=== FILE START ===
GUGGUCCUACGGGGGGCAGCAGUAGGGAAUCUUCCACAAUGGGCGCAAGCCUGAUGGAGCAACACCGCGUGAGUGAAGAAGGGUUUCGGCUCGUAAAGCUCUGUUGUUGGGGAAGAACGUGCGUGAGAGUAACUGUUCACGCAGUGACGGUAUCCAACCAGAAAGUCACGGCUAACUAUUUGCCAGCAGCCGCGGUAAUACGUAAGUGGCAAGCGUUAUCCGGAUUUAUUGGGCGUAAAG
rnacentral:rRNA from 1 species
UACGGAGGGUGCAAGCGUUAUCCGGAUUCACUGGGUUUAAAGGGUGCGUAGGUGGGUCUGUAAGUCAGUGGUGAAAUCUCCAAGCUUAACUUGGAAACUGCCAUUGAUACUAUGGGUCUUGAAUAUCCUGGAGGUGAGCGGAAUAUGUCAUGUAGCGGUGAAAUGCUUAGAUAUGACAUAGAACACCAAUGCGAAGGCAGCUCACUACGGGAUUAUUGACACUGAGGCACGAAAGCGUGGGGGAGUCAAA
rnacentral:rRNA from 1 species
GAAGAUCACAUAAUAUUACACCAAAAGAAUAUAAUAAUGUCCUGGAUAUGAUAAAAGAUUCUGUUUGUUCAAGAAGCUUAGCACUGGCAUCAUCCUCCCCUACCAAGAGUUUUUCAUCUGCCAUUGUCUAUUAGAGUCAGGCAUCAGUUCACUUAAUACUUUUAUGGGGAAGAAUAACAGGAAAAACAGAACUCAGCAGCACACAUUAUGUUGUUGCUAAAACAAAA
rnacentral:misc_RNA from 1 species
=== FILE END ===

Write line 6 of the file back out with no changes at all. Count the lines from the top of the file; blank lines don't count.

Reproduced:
rnacentral:misc_RNA from 1 species